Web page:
Recorded on via Zoom on Thursday, October 15, 2020, at 6 p.m., this is the second installment of the Lunder Institute Talks, a series of live, hour-long Zoom conversations with scholars and artists who are shaping the field of American art. Together, Lunder Institute area directors (Daisy Desrosiers, Theaster Gates, and Tanya Sheehan) and invited guests explore contemporary questions through artistic practice. Each conversation engages with artworks and/or ongoing projects related to the Colby Museum, including work by the invited artists.
Hank Willis Thomas is a conceptual artist working primarily with themes related to perspective, identity, commodity, media, and popular culture. His collaborative projects include Question Bridge: Black Males, In Search Of The Truth (The Truth Booth) and Writing on the Wall. Thomas is a recipient of the Gordon Parks Foundation Fellowship (2018), Guggenheim Foundation Fellowship (2018), Art for Justice Grant (2018), AIMIA | AGO Photography Prize (2017), Soros Equality Fellowship (2017), and is a former member of the New York City Public Design Commission.
Eric Gottesman photographs, writes, makes videos, teaches, and uses art as a vehicle to explore aesthetic, social, and political culture. Gottesman is a 2020 John Simon Guggenheim Memorial Foundation Fellow, the recipient of a 2017 International Center of Photography Infinity Award, a 2015 Creative Capital Artist Grant, and a 2010 Fulbright Fellowship in art as well as an Artadia Award, an Aaron Siskind Foundation Artist Fellowship, a Massachusetts Individual Artist Fellowship, and other grants and awards.
Thomas and Gottesman are cofounders of For Freedoms, an artist-run initiative to merge political and artistic discourse, which was awarded the 2017 ICP Infinity Award for New Media and Online Platform.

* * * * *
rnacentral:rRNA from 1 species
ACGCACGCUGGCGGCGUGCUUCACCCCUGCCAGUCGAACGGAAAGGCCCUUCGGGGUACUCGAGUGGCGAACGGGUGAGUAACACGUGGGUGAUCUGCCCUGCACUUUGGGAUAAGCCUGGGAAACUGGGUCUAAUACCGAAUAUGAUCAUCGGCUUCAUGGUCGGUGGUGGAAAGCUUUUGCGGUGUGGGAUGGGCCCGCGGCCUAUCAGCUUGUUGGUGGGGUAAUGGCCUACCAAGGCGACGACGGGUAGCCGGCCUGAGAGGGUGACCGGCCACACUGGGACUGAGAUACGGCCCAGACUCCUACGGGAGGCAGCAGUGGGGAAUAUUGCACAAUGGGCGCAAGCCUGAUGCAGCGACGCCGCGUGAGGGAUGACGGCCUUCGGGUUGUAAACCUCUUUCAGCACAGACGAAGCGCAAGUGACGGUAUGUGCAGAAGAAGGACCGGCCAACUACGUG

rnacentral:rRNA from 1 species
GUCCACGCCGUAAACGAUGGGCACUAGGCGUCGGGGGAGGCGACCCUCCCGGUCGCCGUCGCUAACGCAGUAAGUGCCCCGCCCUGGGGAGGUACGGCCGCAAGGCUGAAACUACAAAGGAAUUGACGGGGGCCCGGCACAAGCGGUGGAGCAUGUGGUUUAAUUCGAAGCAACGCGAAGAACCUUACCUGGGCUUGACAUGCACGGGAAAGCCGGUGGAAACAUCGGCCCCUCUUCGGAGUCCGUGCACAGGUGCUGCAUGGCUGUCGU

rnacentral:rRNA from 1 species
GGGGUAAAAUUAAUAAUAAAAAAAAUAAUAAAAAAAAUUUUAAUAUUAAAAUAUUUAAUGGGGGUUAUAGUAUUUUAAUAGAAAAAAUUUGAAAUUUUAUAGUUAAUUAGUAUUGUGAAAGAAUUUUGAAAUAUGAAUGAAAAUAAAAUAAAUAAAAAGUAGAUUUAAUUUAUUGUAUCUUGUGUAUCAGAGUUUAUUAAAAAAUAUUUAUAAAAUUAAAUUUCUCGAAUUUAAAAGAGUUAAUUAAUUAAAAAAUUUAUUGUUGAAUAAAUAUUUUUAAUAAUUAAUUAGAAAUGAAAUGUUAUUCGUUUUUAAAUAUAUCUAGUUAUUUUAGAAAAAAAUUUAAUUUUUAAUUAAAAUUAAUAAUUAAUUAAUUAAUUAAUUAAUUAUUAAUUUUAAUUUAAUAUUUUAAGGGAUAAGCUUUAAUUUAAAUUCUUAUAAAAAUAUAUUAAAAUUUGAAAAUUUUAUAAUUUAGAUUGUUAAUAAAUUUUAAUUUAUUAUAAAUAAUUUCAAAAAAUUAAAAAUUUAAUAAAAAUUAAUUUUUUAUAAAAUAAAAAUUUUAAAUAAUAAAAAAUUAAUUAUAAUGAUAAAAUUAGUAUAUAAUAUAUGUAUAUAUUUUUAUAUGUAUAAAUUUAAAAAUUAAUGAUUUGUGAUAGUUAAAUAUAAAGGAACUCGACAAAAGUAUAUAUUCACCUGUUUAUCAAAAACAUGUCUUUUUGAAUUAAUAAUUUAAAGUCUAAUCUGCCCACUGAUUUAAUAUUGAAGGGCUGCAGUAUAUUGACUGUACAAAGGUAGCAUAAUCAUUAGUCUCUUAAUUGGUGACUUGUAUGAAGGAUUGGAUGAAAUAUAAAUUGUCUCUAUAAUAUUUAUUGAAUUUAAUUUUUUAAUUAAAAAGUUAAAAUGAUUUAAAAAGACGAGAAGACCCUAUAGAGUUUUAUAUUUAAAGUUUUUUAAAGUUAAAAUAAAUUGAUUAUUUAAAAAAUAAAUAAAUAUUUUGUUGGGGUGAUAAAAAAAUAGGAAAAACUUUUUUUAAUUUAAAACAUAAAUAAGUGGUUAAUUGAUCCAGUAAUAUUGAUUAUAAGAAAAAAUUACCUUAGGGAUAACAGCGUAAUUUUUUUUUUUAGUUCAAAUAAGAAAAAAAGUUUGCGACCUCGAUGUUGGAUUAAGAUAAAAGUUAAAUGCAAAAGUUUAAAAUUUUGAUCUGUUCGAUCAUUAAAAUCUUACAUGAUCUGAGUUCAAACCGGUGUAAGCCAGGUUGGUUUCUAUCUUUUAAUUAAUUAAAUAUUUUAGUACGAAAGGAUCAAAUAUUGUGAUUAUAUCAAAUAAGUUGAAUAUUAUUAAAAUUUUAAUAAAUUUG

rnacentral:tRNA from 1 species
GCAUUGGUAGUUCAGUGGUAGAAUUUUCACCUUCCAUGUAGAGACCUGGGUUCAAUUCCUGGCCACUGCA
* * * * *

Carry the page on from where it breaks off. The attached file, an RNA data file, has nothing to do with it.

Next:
Recorded on via Zoom on Thursday, September 24, 2020, at 6 p.m., this is the first installment of the Lunder Institute Talks, a series of live, hour-long Zoom conversations with scholars and artists who are shaping the field of American art. Together, Lunder Institute area directors (Daisy Desrosiers, Theaster Gates, and Tanya Sheehan) and invited guests explore contemporary questions through artistic practice. Each conversation engages with artworks and/or ongoing projects related to the Colby Museum, including work by the invited artists.
Naeem Mohaiemen combines films, installations, and essays to research socialist utopia, malleable borders, and rhizomatic families. Mohaiemen is author of Prisoners of Shothik Itihash (Kunsthalle Basel, 2014), and co-editor with Eszter Szakacs of Solidarity Must be Defended (Tranzit, forthcoming). He is a 2020–21 Senior Fellow at the Lunder Institute for American Art, 2020–23 Mellon Fellow at Columbia University, and is on the Advisory Board of the Vera List Center for Art & Politics at the New School in New York.
You can learn more about the full series, and register for our other talks, here.
The Lunder Institute for American Art is pleased to announce the Lunder Institute Talks, a series of live, hour-long Zoom conversations with scholars and artists who are shaping the field of American art. Together, Lunder Institute area directors (Daisy Desrosiers, Theaster Gates, and Tanya Sheehan) and invited guests will explore contemporary questions through artistic practice. Each conversation will engage with artworks and/or ongoing projects related to the Colby Museum, including work by the invited artists. Read more
In acknowledgement of her achievements as an artist who has re-envisioned monuments and whose practice actively contributes to a deeper understanding of human impacts on the environment, the Lunder Institute for American Art has appointed renowned artist Maya Lin as a senior fellow for the 2020–21 academic year. Throughout the year, Lin will participate in online collaborations with students, faculty, and community members, including academic engagements with Colby courses. Read more